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Rabbit Room Wrap-up 08-29-14

Michael the GreyTonight at North Wind Manor we’re delighted to be hosting Michael Card. Mike, who Andrew affectionately dubbed the “Gandalf of Nashville,” has just published the last of his Gospel commentaries, this one on the Gospel of St. John. He’ll be at the Manor tonight to discuss the book, and more importantly the Gospel. Seats are filled for this event. If you RSVPed, don’t forget to bring a snack to share. The event begins at 7:00pm.

localshowrrJoin us at The Well coffeehouse in Brentwood next Tuesday for the first of what we hope will become a long-running tradition: The Local Show. This first show will feature Don Chaffer, Eric Peters, Randall Goodgame, Sandra McCracken, and at least one special guest. The Local Show will take place every other Tuesday in September, and then we’ll ramp it up to EVERY Tuesday night in October. You never know who’ll show up, so you may as well come every chance you get. Tickets are $12 in advance, and $15 at the door. If you’re a Rabbit Room member, just flash your card at the door and you can get in for only $5.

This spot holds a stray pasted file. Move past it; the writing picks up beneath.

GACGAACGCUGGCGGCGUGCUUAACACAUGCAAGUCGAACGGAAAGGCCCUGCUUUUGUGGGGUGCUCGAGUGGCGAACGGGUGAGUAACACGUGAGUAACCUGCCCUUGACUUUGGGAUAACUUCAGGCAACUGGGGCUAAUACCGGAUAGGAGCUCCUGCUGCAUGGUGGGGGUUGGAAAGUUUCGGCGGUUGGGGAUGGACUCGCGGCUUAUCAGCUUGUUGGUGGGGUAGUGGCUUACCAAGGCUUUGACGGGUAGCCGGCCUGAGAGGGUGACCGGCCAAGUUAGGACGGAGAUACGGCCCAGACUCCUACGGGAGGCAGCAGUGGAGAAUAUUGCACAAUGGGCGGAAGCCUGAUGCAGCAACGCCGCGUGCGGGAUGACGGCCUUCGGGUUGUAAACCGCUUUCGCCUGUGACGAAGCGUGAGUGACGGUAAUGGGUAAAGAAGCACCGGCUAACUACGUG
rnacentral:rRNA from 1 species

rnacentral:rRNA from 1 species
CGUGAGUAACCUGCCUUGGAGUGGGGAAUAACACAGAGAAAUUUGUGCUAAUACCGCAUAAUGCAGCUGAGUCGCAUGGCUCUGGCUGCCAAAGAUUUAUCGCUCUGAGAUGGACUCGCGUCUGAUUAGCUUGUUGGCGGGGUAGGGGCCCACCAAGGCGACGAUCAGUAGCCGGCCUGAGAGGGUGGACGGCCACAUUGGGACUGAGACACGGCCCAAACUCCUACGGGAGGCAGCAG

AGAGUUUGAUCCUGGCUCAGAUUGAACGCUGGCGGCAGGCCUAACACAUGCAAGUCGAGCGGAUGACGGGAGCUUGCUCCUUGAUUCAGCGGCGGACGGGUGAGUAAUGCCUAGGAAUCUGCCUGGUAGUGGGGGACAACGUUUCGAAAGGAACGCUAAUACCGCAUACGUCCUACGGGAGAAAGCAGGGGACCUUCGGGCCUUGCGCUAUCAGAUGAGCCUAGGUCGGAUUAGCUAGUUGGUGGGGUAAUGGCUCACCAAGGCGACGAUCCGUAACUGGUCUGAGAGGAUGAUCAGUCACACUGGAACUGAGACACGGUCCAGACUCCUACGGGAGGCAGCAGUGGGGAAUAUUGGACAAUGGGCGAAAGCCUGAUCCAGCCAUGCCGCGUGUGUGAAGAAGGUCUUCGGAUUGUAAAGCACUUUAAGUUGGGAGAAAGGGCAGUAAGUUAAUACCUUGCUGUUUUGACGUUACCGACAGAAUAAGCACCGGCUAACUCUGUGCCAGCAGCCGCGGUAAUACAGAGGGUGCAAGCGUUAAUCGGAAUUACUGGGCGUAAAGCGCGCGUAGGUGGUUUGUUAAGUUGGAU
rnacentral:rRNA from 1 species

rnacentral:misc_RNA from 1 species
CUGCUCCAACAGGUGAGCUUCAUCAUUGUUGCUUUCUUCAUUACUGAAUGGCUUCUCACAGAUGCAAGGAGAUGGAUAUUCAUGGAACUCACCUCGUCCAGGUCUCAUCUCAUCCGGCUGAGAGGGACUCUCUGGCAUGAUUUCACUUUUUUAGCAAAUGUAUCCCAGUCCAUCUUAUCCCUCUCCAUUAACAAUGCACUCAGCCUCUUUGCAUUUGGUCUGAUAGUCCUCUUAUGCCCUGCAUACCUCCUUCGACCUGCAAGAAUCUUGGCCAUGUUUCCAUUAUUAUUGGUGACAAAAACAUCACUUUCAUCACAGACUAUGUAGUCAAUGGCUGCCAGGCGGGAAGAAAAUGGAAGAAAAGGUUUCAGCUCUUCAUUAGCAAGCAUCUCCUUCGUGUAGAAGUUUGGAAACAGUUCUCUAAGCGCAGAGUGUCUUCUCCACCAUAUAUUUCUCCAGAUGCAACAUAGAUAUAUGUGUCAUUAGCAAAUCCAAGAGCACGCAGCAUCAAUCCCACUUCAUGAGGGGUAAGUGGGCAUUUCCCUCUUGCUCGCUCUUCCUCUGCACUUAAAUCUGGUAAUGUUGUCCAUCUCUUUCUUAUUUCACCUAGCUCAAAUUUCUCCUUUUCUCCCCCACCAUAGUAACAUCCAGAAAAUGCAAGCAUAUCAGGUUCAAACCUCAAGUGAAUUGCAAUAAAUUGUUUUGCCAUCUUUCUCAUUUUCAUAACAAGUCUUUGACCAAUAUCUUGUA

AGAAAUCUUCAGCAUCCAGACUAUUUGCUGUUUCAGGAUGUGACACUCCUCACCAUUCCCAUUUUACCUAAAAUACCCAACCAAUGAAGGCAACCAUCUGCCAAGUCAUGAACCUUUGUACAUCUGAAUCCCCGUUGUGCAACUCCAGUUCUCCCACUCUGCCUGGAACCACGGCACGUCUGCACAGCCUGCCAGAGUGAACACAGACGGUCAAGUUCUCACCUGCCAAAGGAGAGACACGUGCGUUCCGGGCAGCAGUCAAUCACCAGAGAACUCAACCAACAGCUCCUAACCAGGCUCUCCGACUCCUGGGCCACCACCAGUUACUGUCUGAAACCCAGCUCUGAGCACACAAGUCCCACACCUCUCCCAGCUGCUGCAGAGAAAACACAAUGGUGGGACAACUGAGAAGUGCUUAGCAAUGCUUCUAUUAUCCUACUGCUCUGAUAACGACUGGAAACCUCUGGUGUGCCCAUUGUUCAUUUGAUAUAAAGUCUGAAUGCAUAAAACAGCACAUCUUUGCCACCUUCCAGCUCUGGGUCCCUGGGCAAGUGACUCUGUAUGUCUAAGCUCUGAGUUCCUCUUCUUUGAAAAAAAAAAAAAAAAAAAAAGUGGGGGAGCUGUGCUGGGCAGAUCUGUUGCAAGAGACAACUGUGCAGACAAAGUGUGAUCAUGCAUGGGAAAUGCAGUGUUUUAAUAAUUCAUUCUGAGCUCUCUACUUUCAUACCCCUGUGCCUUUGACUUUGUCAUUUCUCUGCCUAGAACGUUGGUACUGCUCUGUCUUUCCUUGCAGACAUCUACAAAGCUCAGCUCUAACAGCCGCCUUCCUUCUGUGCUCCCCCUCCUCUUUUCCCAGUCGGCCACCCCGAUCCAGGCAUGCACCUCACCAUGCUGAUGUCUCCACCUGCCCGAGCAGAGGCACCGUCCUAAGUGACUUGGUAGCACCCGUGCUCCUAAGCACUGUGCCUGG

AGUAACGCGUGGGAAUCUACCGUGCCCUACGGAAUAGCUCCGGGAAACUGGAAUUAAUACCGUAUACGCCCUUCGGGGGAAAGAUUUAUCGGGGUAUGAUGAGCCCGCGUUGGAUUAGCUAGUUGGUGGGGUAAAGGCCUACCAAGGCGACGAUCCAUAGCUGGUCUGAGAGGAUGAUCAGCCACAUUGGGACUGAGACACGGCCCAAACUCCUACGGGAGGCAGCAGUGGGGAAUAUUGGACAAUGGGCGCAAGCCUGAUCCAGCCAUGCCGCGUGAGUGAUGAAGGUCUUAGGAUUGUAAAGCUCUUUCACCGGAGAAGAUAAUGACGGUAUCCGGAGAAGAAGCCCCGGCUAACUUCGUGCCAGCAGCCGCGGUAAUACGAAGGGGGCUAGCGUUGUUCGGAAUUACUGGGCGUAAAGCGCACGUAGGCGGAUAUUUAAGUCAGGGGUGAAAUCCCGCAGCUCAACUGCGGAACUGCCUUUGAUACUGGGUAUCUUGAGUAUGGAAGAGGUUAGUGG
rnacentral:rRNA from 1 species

writing classJonathan Rogers has just unveiled a writing seminar he’ll be leading called “From Memory to Story.” It takes place on Thursday October 10th from 10am-3pm so if you’re coming to Hutchmoot this is a golden opportunity to come a little early and get a little more out of your time in Nashville. Here’s how he describes the course:

“You have a story to tell–many stories, no doubt. You need to tell your story, not only to be understood, but in order to understand yourself. In this one-day seminar on the short memoir, Jonathan Rogers will help you find your voice and shape your memories into written stories.”

Click here to visit the website and get all the details.

Theater Les MiserablesDavid Bruno fears he may have permanently scarred his children by exposing them to Les Miserables a few years too early. But might some scars be worth carrying? We should clarify that we’re talking about the theater production here; No one will ever be old enough to avoid being scarred by the movie abomination—and those are definitely not the sort of scars you want to be saddled with. Read the entire affair in “Comic Parenting Guilt.”